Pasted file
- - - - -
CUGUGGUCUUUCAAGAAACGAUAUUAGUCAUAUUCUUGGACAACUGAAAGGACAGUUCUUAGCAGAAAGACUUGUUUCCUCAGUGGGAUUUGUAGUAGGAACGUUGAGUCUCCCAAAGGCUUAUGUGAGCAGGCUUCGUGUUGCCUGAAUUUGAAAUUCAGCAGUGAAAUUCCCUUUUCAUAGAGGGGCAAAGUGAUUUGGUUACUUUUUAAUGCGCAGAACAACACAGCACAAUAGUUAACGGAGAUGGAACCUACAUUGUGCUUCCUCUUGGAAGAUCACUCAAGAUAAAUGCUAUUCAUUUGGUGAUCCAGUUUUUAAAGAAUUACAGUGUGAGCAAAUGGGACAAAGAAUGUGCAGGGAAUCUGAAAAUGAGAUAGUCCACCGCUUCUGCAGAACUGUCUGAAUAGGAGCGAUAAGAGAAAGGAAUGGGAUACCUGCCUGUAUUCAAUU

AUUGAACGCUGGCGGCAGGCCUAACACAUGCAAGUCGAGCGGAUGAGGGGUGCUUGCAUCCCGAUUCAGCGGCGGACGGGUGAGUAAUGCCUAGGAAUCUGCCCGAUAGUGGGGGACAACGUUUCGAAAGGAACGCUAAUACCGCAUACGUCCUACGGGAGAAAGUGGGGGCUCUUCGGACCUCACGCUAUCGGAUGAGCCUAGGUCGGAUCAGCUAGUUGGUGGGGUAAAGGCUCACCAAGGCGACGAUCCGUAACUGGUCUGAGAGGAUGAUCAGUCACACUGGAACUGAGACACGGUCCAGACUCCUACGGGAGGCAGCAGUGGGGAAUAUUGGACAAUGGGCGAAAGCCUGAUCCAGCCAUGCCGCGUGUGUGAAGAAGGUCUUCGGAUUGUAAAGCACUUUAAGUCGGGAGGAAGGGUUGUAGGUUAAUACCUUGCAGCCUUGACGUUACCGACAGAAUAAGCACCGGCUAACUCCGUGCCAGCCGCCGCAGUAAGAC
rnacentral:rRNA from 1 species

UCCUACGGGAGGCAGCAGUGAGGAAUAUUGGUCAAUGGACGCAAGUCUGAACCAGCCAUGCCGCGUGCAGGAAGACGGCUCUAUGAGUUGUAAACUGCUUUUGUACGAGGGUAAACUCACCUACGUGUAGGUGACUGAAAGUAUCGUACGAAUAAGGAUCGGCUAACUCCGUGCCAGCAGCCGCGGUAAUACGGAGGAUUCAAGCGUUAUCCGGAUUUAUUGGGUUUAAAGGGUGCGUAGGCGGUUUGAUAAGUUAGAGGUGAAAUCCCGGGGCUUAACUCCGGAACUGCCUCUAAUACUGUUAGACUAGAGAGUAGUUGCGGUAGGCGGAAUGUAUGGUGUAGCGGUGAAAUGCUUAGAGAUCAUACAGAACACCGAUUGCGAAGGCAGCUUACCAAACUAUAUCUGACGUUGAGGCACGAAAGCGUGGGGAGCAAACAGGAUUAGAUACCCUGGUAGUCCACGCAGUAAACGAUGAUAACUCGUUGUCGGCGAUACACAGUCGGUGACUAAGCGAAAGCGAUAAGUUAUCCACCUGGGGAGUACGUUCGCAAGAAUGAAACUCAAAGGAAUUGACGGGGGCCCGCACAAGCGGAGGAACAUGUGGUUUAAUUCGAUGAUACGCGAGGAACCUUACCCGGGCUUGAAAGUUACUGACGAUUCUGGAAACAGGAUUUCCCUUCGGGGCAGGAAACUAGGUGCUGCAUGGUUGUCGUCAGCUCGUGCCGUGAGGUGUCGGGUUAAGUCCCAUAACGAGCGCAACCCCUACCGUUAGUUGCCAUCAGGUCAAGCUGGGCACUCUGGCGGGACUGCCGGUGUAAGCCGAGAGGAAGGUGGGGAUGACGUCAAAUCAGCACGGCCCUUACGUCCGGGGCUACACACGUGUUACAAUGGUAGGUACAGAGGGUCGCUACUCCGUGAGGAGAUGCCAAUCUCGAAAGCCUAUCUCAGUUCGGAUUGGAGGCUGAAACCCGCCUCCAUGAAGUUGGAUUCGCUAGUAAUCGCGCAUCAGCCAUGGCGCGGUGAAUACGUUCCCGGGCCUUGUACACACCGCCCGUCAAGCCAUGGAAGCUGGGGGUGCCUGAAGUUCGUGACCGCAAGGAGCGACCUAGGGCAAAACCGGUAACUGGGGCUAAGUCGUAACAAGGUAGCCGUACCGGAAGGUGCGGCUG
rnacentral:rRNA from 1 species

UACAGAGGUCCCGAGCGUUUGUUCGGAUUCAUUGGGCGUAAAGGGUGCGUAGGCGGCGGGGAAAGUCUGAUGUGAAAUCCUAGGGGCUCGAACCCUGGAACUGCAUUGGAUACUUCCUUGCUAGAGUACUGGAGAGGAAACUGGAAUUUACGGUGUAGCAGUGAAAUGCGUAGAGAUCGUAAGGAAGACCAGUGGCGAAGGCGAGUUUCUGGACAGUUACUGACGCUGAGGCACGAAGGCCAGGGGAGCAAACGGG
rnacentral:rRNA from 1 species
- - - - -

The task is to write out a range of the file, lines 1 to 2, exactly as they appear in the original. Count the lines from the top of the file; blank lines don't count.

CUGUGGUCUUUCAAGAAACGAUAUUAGUCAUAUUCUUGGACAACUGAAAGGACAGUUCUUAGCAGAAAGACUUGUUUCCUCAGUGGGAUUUGUAGUAGGAACGUUGAGUCUCCCAAAGGCUUAUGUGAGCAGGCUUCGUGUUGCCUGAAUUUGAAAUUCAGCAGUGAAAUUCCCUUUUCAUAGAGGGGCAAAGUGAUUUGGUUACUUUUUAAUGCGCAGAACAACACAGCACAAUAGUUAACGGAGAUGGAACCUACAUUGUGCUUCCUCUUGGAAGAUCACUCAAGAUAAAUGCUAUUCAUUUGGUGAUCCAGUUUUUAAAGAAUUACAGUGUGAGCAAAUGGGACAAAGAAUGUGCAGGGAAUCUGAAAAUGAGAUAGUCCACCGCUUCUGCAGAACUGUCUGAAUAGGAGCGAUAAGAGAAAGGAAUGGGAUACCUGCCUGUAUUCAAUU

AUUGAACGCUGGCGGCAGGCCUAACACAUGCAAGUCGAGCGGAUGAGGGGUGCUUGCAUCCCGAUUCAGCGGCGGACGGGUGAGUAAUGCCUAGGAAUCUGCCCGAUAGUGGGGGACAACGUUUCGAAAGGAACGCUAAUACCGCAUACGUCCUACGGGAGAAAGUGGGGGCUCUUCGGACCUCACGCUAUCGGAUGAGCCUAGGUCGGAUCAGCUAGUUGGUGGGGUAAAGGCUCACCAAGGCGACGAUCCGUAACUGGUCUGAGAGGAUGAUCAGUCACACUGGAACUGAGACACGGUCCAGACUCCUACGGGAGGCAGCAGUGGGGAAUAUUGGACAAUGGGCGAAAGCCUGAUCCAGCCAUGCCGCGUGUGUGAAGAAGGUCUUCGGAUUGUAAAGCACUUUAAGUCGGGAGGAAGGGUUGUAGGUUAAUACCUUGCAGCCUUGACGUUACCGACAGAAUAAGCACCGGCUAACUCCGUGCCAGCCGCCGCAGUAAGAC